Cost of Thrift Bailout Is Hiked to $160 Billion : S&Ls;: The Administration plans to ask Congress for billions of dollars more in additional funds, surpassing even the estimates of some critics.
The Bush Administration has dramatically raised its estimate for the cost of the savings and loan bailout to as much as $160 billion, Treasury Secretary Nicholas F. Brady acknowledged Monday.
Brady said the Administration will ask Congress next week for billions of dollars more for the Resolution Trust Corp., the agency charged with handling the S&L; cleanup. Brady’s comment marks the first time that the Administration has admitted that the cost of the bailout will be higher than the $130-billion maximum it has projected for the past two years.
The estimate also exceeds that of some critics of the RTC’s operations. Just last week, the General Accounting Office estimated that the agency would need at least $150 billion to deal with the S&L; mess. The estimates include only current outlays and do not include interest, which could push the cost to as much as $500 billion in the next 40 years.
Brady’s pessimistic figures on the S&L; bailout assume that it will be necessary for the federal government to seize a total of 1,000 thrift institutions, roughly 600 more than have already been shut down, merged or sold on government orders.
Those numbers indicate that, with hundreds of S&L; failures still to come, the overburdened RTC will be inundated with billions of dollars in mortgages, real estate and securities to sell off into depressed markets for years to come.
Although Brady refused to say exactly how much money the Administration will request next week, the GAO said Monday that $50 billion will be “the minimum necessary funding” for fiscal 1992. Congress has already appropriated $80 billion for the thrift cleanup since 1989.
But the $50 billion represents the minimum just for the coming year, Richard L. Fogel, assistant comptroller general, said at a hearing Monday of the RTC oversight task force of the House Banking Committee. If the RTC tries to dispose of all of the troubled thrifts in the nation, “its funding needs will be much higher.”
In addition, more money will almost certainly be required next year, bringing the total to the $160 billion mentioned by Brady--or possibly even higher.
The official estimates of the costs of the taxpayer bailout of the S&L; debacle have continually escalated since Congress first passed S&L; bailout legislation in August, 1989.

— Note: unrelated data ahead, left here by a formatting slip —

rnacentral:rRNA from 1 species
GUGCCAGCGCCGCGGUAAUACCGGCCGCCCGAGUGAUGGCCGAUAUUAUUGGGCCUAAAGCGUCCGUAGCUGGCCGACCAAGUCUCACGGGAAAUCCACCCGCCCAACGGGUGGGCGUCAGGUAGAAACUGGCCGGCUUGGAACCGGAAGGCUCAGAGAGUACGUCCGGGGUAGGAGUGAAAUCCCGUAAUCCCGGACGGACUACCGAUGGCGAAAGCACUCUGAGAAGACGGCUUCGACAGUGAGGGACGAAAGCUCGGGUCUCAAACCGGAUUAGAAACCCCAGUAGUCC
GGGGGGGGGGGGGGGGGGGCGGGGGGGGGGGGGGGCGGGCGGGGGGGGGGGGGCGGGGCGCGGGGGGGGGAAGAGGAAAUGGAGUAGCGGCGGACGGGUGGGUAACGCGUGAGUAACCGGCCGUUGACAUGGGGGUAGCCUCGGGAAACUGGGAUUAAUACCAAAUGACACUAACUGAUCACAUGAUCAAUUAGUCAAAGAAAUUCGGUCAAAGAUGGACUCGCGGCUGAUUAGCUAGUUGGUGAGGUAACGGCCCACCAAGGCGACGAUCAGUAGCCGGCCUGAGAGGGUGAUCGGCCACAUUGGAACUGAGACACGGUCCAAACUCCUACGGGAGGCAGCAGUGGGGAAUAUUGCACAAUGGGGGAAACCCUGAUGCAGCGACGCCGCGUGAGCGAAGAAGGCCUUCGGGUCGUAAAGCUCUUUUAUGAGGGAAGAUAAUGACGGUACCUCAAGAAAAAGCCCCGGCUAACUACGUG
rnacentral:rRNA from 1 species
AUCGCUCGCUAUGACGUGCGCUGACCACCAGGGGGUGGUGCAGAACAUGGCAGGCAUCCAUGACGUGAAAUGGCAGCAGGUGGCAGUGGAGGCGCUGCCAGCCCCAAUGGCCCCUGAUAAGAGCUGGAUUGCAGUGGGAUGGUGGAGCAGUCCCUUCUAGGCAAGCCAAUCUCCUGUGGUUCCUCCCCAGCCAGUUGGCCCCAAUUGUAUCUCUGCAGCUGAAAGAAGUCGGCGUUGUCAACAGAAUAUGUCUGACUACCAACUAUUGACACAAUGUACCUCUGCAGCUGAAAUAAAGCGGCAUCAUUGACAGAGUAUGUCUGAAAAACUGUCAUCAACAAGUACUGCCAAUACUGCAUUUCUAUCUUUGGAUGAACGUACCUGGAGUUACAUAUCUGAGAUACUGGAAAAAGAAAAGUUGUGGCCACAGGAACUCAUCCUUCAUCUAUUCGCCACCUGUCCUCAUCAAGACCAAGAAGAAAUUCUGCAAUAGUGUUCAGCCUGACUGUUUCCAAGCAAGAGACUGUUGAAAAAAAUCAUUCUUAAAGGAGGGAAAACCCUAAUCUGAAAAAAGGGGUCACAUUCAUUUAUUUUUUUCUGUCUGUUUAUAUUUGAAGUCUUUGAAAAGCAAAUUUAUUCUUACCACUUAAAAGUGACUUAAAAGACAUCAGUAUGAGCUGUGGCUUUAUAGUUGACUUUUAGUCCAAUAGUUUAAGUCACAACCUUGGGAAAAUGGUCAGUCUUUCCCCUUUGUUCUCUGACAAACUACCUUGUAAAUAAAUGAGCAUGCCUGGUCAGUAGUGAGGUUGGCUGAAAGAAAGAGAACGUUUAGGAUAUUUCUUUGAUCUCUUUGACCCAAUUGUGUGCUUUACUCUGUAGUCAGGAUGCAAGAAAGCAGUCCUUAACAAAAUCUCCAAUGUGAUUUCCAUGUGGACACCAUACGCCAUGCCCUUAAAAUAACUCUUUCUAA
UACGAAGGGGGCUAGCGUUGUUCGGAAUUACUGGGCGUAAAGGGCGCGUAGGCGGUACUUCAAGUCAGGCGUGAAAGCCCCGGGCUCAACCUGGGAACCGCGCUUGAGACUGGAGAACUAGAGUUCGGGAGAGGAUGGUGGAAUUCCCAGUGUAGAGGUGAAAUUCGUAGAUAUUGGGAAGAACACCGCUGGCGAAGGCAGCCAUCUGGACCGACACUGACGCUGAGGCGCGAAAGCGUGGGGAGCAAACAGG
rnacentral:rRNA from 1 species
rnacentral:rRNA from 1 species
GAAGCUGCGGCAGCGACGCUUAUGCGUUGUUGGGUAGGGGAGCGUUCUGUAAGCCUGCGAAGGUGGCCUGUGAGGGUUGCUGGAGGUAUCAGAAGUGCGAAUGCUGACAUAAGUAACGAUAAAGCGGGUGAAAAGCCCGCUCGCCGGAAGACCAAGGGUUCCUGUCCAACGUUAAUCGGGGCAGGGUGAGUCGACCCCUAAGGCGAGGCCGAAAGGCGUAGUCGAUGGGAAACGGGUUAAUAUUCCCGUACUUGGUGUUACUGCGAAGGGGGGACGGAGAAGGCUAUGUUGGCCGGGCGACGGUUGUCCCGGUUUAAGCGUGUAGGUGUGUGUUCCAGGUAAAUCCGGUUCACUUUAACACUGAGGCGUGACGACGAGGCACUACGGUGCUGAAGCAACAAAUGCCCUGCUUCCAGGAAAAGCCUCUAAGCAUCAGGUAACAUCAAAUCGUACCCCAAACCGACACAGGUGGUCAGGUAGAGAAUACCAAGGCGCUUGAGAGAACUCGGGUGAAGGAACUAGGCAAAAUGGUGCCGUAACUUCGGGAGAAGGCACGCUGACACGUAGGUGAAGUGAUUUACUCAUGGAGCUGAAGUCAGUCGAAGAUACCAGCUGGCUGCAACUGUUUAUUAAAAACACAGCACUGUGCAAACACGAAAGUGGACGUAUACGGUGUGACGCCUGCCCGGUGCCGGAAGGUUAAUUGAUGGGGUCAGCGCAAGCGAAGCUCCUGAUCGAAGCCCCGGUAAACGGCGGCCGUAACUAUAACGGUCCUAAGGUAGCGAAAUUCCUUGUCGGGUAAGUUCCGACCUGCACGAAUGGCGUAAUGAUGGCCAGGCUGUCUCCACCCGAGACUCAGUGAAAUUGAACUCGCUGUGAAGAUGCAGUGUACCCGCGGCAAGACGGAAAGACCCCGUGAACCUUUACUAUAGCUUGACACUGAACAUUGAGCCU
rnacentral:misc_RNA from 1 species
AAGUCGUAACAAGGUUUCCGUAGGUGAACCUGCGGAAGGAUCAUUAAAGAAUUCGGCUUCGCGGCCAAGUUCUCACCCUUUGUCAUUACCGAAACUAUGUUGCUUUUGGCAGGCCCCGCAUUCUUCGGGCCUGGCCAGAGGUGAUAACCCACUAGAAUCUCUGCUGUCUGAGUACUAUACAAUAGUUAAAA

The costs have proved to be a rapidly moving target because of both the real estate slump and what critics charge is slipshod management and sales efforts with seized properties by the RTC. On Monday, Fogel said the RTC is in such financial disarray that the GAO will be unable to provide an official audit of the agency by the June 30 deadline.
“We expect that our report to Congress will say the values shown in the financial statements (of the RTC) are uncertain and subject to significant change, the amount of which cannot be reasonably estimated,” Fogel said.
Rep. Bruce Vento (D-Minn.), chairman of the RTC task force in the House, agreed that the RTC seems to be unable to come to grips with the thrift crisis. “I have been frustrated over how long it has taken to implement practices that common sense would say would be fundamental to a program of the size of this one,” he said.
Brady defended the RTC, arguing that the agency has done a reasonably good job given the enormity of the task. Created in 1989 specifically to deal with the S&L; crisis, the RTC now has assets seized from S&Ls; of $162 billion, including 45,000 pieces of real estate with paper value of $18.4 billion.
“They have gone in about 18 months or so from having no employees to being bigger than Citicorp,” said Brady. “Am I satisfied with the S&L; bailout? No. But I think they have done a reasonable job given the circumstances.”
Brady also opened a last-minute campaign for the Administration’s banking reform legislation on Monday, suggesting that a taxpayer bailout for the nation’s banks can still be avoided if Congress agrees to overhaul federal banking laws this year.
Brady, meeting with reporters two days before the House Banking Committee is scheduled to begin considering banking reform, said a comprehensive banking reform bill can be passed by the House before the congressional summer recess in August.
“If we have a reasonable economic recovery, and a strong, comprehensive reform of the banking industry, then I think we have a strong, strong likelihood that we can avoid a taxpayer bailout,” Brady said.
Meanwhile, L. William Seidman, chairman of the Federal Deposit Insurance Corp., increased his official estimate of how many banks are likely to fail over the next two years.
Seidman, whose independent agency manages the deposit insurance fund, said that as many as 440 banks are likely to fail between now and the end of 1992, costing the deposit fund as much as $23 billion. Earlier, Seidman had projected only another 340 bank failures by the end of 1992, costing $15 billion.